Exploring Harrison’s Cave and beyond
Barbados, Barbados - Wednesday, February 11th, 2015
Since arriving in Barbados a few days ago I have developed a hankering to get away from the coast and visit parts of Barbados that most tourists don’t see. To do this I have arranged to rent a car which has just been delivered to out hotel by a young lady from GL Rentals. The international car rental companies don’t operate in Barbados and it is customary to line up a rental through your hotel’s courtesy desk. Expect to pay about $85 USD a day and be sure to get the extra insurance. While you certainly don’t need it in the US or Canada if you have your own insurance, here it’s worth the $25 USD just to avoid any hassle if something does go wrong.
The primary objective of today’s excursion is Harrison’s Cave one of Barbados top attractions. I have mapped out a route, but fully expect we will get lost at least once or twice if Barbados’ road signs are as poor as most people who have driven here attest. In Barbados they drive on the left with the steering wheel on the right, but I’ve done it many times before and don’t expect any troubles. The car is a little fuscia coloured Kia Picanto that matches my golf shirt at least something will be coordinated this morning.
The first surprise is only moments in coming – there’s a bloody massive traffic jam! In order to get to Harrison’s Cave we need to take the Ernest Barrow Highway that bypasses Bridgetown, but it seems everybody else in Barbados has the same idea. It’s a four lane divided highway with a concrete barrier between the two directions so I can’t turn around and am forced, like a haji at Mecca to simply creep forward at the same snail’s pace as everyone else. So much for the tranquility of the Barbadian countryside. After a frustrating 45 minutes we finally get clear of the Bridgetown traffic at Warrens and head inland on a much narrower road.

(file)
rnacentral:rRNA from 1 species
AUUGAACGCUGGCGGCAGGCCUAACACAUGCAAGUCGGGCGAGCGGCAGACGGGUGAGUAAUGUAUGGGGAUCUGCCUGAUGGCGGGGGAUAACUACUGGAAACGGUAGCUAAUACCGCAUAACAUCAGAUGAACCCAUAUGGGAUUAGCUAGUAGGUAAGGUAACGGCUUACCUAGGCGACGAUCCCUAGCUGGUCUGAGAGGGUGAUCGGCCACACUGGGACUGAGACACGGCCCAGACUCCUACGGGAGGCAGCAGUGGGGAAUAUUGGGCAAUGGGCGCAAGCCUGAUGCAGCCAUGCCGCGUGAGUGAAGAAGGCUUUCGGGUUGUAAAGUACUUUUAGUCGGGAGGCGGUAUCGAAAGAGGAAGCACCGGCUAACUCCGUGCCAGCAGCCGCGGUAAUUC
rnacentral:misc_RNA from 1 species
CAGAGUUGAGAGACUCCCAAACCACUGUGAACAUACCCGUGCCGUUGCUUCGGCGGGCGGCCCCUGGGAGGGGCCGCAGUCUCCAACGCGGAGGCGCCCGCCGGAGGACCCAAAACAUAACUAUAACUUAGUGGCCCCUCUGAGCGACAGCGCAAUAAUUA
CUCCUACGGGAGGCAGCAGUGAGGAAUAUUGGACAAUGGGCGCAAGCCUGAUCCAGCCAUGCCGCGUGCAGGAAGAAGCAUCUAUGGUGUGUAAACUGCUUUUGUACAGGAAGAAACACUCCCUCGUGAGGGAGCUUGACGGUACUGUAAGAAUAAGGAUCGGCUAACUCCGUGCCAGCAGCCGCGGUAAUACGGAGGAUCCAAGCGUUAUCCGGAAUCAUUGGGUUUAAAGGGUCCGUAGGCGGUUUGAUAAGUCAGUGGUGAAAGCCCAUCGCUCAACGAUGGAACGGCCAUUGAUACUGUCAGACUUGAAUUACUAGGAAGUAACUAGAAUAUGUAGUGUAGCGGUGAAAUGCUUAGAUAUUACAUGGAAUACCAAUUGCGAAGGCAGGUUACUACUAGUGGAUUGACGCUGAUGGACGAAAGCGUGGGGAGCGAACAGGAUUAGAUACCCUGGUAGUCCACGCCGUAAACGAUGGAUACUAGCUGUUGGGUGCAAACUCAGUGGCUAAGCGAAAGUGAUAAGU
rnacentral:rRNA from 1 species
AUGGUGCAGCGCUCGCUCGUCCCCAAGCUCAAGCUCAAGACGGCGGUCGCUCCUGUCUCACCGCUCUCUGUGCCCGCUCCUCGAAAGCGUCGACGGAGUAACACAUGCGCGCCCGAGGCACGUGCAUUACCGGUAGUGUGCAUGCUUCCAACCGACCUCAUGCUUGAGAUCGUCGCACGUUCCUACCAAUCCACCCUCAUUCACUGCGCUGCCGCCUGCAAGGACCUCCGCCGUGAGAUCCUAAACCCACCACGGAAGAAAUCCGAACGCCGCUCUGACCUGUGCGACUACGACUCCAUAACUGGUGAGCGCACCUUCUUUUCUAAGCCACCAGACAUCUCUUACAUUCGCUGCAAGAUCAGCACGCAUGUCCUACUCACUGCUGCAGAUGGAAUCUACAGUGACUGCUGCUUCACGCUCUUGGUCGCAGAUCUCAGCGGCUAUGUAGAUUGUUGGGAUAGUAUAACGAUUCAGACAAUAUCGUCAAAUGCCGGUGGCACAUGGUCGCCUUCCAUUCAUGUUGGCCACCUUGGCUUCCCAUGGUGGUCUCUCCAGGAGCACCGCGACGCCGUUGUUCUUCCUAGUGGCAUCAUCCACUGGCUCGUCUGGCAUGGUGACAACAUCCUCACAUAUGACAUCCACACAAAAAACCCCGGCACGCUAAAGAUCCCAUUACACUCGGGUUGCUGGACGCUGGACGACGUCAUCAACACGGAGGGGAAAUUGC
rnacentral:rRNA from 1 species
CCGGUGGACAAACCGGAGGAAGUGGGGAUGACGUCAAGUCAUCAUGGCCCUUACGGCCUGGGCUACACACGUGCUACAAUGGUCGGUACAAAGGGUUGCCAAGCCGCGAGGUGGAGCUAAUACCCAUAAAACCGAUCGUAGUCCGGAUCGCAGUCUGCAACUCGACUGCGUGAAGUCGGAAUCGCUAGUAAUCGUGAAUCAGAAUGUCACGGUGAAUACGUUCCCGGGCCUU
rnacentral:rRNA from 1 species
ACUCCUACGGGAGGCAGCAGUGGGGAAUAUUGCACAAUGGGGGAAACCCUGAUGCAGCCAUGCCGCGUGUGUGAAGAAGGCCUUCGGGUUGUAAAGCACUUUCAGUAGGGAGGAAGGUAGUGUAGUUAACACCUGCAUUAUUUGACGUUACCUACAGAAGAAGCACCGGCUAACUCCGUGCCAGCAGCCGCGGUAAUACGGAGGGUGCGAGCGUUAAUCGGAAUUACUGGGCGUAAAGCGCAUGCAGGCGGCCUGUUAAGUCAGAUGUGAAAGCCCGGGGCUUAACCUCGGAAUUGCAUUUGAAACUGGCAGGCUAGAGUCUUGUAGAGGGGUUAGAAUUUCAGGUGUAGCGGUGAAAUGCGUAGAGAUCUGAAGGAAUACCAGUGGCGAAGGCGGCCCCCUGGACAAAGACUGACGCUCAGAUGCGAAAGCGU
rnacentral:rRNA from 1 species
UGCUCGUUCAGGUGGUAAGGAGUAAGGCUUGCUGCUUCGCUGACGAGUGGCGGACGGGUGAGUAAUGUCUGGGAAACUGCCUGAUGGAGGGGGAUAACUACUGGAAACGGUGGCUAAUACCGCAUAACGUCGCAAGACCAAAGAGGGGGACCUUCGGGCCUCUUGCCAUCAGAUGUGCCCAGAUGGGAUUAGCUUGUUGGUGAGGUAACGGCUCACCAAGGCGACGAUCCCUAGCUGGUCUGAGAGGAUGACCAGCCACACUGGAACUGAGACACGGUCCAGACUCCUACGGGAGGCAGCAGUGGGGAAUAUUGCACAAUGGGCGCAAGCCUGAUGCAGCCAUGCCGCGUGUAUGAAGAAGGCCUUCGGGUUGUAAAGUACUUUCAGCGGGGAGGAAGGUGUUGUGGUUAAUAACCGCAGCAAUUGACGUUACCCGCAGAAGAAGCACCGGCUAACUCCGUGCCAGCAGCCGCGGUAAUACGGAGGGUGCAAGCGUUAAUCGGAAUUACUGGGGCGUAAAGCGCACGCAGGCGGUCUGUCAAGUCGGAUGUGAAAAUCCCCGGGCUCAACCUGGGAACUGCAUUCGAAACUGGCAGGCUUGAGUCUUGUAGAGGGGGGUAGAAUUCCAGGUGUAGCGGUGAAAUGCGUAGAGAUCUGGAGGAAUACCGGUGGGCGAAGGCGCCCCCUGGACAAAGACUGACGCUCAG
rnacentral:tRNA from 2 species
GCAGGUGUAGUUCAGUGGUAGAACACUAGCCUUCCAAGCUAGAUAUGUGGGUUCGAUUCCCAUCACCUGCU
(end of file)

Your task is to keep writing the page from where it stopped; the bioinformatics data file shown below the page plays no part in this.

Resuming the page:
Don is the navigator and he is sure we are on the right road, but after a while it is apparent we have no clue where we are. True to expectations there are very few official road signs so every turn is an educated guess. There are lots of private signs indicating the way to various tourist attractions, but none for Harrison’s Cave. Still, the countryside is very nice with small villages here and there, sugar cane fields, small farms and the occasional planter’s house still in use. The further inland we go the higher the road rises. In the distance we see an old church and drive up to it to get our bearings. It is one hundred and fifty year old St. Ann’s (or Anne’s) in St. Joseph Parish and finding it on the map we realize we have overshoot the mark by quite a bit. However, it’s a very nice building and well worth visiting.
Recalculating, which you can actually do without a GPS, we start zigzagging northeast and notice that the farmland has given way to tropical forests and that in places the road has been cut straight through the coral so that there are steep banks on each side. At one junction we come across an amazing site that causes me to pull over. The coral on both sides of the road has been sculpted and painted into the shapes of animals. Getting out I see a plaque that identifies this as Procession.2002.